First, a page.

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Rambo, by the numbers
The hyper-masculine Vietnam War veteran John Rambo has returned to the big screen 37 years after his debut. For the fifth time, Sylvester Stallone plays the rogue hero in what is meant to be the last of the franchise: “Last Blood.”
The franchise started in 1982 with “First Blood,” based off David Morrell’s 1972 book of the same name. Somewhat ironically, Morrell would go on to write novelizations of the next two films, “Rambo: First Blood Part II” and “Rambo III.”
While Rambo might be Morrell’s biggest claim to fame, he’s not too excited about the franchise’s most recent installation, tweeting that he’s embarrassed to have his name associated with it.
According to Newsweek, Stallone consulted with Morrell on the script, but ultimately finished it with Matthew Cirulnick.
Though Morrell and critics didn’t love “Last Blood” — it has a 28% on Rotten Tomatoes — fans are turning out to see it. “Last Blood” opened third at the box office its opening weekend, grossing nearly $19 million, with a $50 million budget.
Of the five Rambo movies, “Rambo: First Blood Part II” is the best performing, grossing a total of $150 million. It was also the only in the franchise to be nominated for an Oscar. It lost the 1986 Best Sound Effects Editing award to “Back to the Future.”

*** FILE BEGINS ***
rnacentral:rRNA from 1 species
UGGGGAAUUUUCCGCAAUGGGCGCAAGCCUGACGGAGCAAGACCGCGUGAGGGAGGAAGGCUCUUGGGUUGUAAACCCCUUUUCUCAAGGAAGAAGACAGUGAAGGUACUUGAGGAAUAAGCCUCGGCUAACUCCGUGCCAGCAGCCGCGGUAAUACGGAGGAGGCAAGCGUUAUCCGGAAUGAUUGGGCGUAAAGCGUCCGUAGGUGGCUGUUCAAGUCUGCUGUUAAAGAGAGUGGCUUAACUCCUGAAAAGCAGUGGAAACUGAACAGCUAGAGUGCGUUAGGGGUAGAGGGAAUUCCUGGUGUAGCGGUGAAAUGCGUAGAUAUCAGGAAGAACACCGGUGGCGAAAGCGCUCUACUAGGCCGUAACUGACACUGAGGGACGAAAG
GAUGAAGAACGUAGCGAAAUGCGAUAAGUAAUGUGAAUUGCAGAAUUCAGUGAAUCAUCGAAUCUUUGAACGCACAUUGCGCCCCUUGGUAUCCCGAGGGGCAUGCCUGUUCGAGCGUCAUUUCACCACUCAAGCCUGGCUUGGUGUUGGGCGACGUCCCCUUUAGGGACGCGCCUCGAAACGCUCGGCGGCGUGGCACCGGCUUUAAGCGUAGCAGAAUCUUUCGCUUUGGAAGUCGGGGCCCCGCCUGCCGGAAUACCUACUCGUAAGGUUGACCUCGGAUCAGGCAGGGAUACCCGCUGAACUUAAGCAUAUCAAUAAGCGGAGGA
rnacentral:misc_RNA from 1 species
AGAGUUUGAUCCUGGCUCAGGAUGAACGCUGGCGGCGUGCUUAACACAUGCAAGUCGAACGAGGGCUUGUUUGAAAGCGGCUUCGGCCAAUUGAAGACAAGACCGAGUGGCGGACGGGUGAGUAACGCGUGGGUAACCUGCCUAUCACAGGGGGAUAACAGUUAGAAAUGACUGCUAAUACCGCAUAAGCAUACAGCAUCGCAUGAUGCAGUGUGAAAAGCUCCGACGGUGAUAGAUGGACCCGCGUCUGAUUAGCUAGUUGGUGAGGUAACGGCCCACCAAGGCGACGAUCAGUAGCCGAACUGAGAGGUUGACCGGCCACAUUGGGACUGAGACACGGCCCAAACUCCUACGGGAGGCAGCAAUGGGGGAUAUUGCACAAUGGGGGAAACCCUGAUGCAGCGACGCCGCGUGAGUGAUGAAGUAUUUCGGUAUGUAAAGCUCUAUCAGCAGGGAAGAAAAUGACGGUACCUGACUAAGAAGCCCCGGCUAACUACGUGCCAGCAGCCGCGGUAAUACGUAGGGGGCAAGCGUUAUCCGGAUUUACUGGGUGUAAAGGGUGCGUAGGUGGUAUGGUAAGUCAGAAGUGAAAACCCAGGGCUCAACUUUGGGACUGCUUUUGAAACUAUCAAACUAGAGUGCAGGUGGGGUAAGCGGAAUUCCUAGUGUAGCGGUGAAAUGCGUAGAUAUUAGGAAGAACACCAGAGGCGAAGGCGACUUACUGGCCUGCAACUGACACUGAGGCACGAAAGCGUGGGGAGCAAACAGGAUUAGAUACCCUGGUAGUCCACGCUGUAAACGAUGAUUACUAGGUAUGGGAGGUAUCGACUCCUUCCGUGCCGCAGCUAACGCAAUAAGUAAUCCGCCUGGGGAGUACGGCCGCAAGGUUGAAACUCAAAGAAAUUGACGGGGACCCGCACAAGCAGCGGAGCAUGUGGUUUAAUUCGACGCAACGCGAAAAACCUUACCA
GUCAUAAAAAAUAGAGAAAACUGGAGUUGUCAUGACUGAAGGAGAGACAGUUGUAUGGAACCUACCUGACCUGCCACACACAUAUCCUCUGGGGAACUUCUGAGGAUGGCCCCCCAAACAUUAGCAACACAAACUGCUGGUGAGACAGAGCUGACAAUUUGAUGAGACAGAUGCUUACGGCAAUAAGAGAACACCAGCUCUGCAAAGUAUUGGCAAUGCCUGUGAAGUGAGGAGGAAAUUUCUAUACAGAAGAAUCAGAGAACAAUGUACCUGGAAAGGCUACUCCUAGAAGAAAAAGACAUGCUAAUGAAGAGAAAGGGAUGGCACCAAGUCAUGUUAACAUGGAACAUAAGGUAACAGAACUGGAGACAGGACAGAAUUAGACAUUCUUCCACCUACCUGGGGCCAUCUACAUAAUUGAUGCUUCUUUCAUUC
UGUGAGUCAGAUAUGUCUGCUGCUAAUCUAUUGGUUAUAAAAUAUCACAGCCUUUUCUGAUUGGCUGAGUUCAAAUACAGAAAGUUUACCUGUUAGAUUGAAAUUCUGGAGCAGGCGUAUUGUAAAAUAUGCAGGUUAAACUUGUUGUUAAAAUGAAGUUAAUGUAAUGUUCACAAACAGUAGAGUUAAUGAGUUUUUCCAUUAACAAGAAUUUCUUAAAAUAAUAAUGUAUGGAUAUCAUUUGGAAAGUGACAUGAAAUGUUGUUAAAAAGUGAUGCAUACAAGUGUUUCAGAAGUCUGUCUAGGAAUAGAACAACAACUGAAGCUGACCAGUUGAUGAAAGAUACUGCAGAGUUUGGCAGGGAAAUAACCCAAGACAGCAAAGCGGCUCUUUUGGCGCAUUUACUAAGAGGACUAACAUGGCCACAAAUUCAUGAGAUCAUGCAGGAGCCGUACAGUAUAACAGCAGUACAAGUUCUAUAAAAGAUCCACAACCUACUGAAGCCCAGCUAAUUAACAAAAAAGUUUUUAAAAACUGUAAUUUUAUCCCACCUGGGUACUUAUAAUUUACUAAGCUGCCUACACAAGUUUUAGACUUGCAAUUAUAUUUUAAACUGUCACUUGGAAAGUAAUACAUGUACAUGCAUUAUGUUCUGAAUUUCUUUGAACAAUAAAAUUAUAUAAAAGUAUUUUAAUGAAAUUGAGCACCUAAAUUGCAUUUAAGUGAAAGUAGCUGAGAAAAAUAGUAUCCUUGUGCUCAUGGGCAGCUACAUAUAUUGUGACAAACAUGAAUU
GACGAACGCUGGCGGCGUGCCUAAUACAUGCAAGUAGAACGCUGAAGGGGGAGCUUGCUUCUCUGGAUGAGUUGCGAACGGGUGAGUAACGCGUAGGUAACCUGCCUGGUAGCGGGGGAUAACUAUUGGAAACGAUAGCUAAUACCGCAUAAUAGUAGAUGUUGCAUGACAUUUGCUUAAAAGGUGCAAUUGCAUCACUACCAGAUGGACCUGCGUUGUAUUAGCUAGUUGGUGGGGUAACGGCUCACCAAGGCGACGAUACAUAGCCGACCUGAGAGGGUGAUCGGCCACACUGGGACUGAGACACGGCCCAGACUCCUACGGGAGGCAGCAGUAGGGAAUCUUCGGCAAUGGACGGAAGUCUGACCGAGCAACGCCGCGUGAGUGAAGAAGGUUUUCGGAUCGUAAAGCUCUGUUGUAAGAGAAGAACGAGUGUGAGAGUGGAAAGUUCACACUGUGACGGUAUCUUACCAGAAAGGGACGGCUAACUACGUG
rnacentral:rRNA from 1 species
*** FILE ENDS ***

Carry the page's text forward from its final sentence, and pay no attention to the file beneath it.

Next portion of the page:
And while the movies are well-known, you may not have heard of Rambo, the TV show. The 1986 animated show only ran for one season, but somehow cranked out 65 episodes with titles like The Ninja Dog, When S.A.V.A.G.E. Stole Santa, and Night of the Voodoo Moon.
In addition to Morrell’s novelizations of the later movies, they were also turned into comic books. And while Rambo may be a classically American character, his appeal reaches fans far and wide. A Bollywood remake is set to be released in October 2020.
And, of course Sly Stallone wouldn’t miss the opportunity to sell some certified Rambo gear on his own site. A replica Rambo military duffle bag prop goes for $100, and you too can snag the J. Rambo Tactical backpack for $85.
Even though Sly might not be as … sly at 73 as he was at 36, he still drew crowds — older crowds, that is. According to Variety, 66% of the latest Rambo audience was older than 25.
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